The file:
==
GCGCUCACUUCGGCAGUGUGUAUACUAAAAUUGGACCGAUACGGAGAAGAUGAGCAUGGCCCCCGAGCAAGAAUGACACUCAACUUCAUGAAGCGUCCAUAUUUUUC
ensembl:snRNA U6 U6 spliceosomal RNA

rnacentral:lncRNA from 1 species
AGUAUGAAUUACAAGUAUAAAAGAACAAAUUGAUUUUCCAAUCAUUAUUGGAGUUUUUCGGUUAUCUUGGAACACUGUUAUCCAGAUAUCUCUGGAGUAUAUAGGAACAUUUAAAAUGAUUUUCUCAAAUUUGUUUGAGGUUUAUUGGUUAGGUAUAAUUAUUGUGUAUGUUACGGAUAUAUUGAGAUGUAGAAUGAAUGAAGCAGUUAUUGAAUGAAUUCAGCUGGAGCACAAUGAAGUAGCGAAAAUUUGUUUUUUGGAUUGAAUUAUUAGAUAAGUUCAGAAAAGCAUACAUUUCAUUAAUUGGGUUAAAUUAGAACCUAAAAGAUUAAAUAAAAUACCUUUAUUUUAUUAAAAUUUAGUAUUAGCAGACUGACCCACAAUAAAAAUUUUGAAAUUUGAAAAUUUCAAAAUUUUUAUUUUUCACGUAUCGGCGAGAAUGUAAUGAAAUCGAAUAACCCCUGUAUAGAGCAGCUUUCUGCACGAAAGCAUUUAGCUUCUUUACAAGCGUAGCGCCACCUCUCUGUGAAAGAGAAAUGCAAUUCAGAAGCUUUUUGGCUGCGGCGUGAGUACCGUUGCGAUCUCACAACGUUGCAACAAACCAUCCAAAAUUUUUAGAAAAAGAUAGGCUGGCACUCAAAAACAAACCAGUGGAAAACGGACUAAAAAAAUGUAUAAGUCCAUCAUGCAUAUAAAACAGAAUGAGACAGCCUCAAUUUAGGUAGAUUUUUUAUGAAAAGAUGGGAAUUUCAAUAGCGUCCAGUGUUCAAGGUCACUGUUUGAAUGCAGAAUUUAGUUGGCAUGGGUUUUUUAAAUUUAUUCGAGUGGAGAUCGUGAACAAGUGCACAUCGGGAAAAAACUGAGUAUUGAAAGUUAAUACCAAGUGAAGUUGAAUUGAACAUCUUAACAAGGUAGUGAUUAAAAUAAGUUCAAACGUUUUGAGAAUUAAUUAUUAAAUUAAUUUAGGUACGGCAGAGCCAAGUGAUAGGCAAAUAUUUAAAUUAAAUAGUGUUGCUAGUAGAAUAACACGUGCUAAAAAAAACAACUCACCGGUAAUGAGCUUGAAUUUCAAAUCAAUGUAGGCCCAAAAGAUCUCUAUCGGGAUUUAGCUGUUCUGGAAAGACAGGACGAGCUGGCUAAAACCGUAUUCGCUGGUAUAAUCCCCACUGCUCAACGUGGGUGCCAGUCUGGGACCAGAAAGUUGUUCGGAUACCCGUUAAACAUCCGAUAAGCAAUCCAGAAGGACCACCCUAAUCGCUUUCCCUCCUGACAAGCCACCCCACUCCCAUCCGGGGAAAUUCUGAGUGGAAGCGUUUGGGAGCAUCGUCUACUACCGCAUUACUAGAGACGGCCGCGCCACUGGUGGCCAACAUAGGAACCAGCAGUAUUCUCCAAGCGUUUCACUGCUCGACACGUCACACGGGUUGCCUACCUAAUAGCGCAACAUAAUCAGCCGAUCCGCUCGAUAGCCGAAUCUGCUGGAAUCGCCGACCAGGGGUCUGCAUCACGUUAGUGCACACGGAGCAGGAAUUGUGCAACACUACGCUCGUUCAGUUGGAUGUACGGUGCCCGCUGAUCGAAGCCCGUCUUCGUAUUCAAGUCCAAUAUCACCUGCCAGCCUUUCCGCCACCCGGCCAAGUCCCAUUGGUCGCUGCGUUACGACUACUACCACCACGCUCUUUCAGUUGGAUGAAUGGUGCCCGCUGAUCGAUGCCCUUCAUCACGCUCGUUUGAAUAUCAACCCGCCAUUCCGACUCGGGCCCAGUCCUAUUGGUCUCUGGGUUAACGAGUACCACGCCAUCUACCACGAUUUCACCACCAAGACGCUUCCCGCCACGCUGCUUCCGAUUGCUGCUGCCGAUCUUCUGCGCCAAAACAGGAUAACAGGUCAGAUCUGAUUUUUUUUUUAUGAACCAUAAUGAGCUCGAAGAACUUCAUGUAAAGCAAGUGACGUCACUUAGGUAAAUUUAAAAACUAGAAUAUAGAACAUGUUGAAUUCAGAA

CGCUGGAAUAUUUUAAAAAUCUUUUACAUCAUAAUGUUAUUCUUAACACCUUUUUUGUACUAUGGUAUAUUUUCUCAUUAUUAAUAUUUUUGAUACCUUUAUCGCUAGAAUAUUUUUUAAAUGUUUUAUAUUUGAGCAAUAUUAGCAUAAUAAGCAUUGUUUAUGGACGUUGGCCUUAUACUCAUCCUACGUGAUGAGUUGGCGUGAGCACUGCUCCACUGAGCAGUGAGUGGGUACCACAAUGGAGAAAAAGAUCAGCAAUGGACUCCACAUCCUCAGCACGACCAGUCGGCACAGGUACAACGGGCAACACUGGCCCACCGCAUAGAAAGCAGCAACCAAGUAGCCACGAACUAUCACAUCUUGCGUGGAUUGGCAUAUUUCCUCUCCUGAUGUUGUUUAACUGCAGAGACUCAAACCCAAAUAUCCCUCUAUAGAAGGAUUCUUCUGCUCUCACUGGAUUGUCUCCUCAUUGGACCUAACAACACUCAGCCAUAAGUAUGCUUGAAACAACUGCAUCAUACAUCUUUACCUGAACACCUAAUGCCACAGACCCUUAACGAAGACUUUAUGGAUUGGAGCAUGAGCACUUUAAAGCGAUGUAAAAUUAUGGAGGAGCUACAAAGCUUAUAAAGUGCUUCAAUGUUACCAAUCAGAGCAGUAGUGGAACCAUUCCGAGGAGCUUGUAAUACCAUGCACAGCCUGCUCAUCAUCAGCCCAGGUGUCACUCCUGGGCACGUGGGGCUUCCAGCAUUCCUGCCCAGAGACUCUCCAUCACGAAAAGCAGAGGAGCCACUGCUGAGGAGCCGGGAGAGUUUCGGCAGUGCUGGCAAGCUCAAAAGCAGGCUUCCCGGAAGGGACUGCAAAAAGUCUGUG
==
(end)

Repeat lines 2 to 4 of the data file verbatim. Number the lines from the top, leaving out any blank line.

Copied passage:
ensembl:snRNA U6 U6 spliceosomal RNA

rnacentral:lncRNA from 1 species
AGUAUGAAUUACAAGUAUAAAAGAACAAAUUGAUUUUCCAAUCAUUAUUGGAGUUUUUCGGUUAUCUUGGAACACUGUUAUCCAGAUAUCUCUGGAGUAUAUAGGAACAUUUAAAAUGAUUUUCUCAAAUUUGUUUGAGGUUUAUUGGUUAGGUAUAAUUAUUGUGUAUGUUACGGAUAUAUUGAGAUGUAGAAUGAAUGAAGCAGUUAUUGAAUGAAUUCAGCUGGAGCACAAUGAAGUAGCGAAAAUUUGUUUUUUGGAUUGAAUUAUUAGAUAAGUUCAGAAAAGCAUACAUUUCAUUAAUUGGGUUAAAUUAGAACCUAAAAGAUUAAAUAAAAUACCUUUAUUUUAUUAAAAUUUAGUAUUAGCAGACUGACCCACAAUAAAAAUUUUGAAAUUUGAAAAUUUCAAAAUUUUUAUUUUUCACGUAUCGGCGAGAAUGUAAUGAAAUCGAAUAACCCCUGUAUAGAGCAGCUUUCUGCACGAAAGCAUUUAGCUUCUUUACAAGCGUAGCGCCACCUCUCUGUGAAAGAGAAAUGCAAUUCAGAAGCUUUUUGGCUGCGGCGUGAGUACCGUUGCGAUCUCACAACGUUGCAACAAACCAUCCAAAAUUUUUAGAAAAAGAUAGGCUGGCACUCAAAAACAAACCAGUGGAAAACGGACUAAAAAAAUGUAUAAGUCCAUCAUGCAUAUAAAACAGAAUGAGACAGCCUCAAUUUAGGUAGAUUUUUUAUGAAAAGAUGGGAAUUUCAAUAGCGUCCAGUGUUCAAGGUCACUGUUUGAAUGCAGAAUUUAGUUGGCAUGGGUUUUUUAAAUUUAUUCGAGUGGAGAUCGUGAACAAGUGCACAUCGGGAAAAAACUGAGUAUUGAAAGUUAAUACCAAGUGAAGUUGAAUUGAACAUCUUAACAAGGUAGUGAUUAAAAUAAGUUCAAACGUUUUGAGAAUUAAUUAUUAAAUUAAUUUAGGUACGGCAGAGCCAAGUGAUAGGCAAAUAUUUAAAUUAAAUAGUGUUGCUAGUAGAAUAACACGUGCUAAAAAAAACAACUCACCGGUAAUGAGCUUGAAUUUCAAAUCAAUGUAGGCCCAAAAGAUCUCUAUCGGGAUUUAGCUGUUCUGGAAAGACAGGACGAGCUGGCUAAAACCGUAUUCGCUGGUAUAAUCCCCACUGCUCAACGUGGGUGCCAGUCUGGGACCAGAAAGUUGUUCGGAUACCCGUUAAACAUCCGAUAAGCAAUCCAGAAGGACCACCCUAAUCGCUUUCCCUCCUGACAAGCCACCCCACUCCCAUCCGGGGAAAUUCUGAGUGGAAGCGUUUGGGAGCAUCGUCUACUACCGCAUUACUAGAGACGGCCGCGCCACUGGUGGCCAACAUAGGAACCAGCAGUAUUCUCCAAGCGUUUCACUGCUCGACACGUCACACGGGUUGCCUACCUAAUAGCGCAACAUAAUCAGCCGAUCCGCUCGAUAGCCGAAUCUGCUGGAAUCGCCGACCAGGGGUCUGCAUCACGUUAGUGCACACGGAGCAGGAAUUGUGCAACACUACGCUCGUUCAGUUGGAUGUACGGUGCCCGCUGAUCGAAGCCCGUCUUCGUAUUCAAGUCCAAUAUCACCUGCCAGCCUUUCCGCCACCCGGCCAAGUCCCAUUGGUCGCUGCGUUACGACUACUACCACCACGCUCUUUCAGUUGGAUGAAUGGUGCCCGCUGAUCGAUGCCCUUCAUCACGCUCGUUUGAAUAUCAACCCGCCAUUCCGACUCGGGCCCAGUCCUAUUGGUCUCUGGGUUAACGAGUACCACGCCAUCUACCACGAUUUCACCACCAAGACGCUUCCCGCCACGCUGCUUCCGAUUGCUGCUGCCGAUCUUCUGCGCCAAAACAGGAUAACAGGUCAGAUCUGAUUUUUUUUUUAUGAACCAUAAUGAGCUCGAAGAACUUCAUGUAAAGCAAGUGACGUCACUUAGGUAAAUUUAAAAACUAGAAUAUAGAACAUGUUGAAUUCAGAA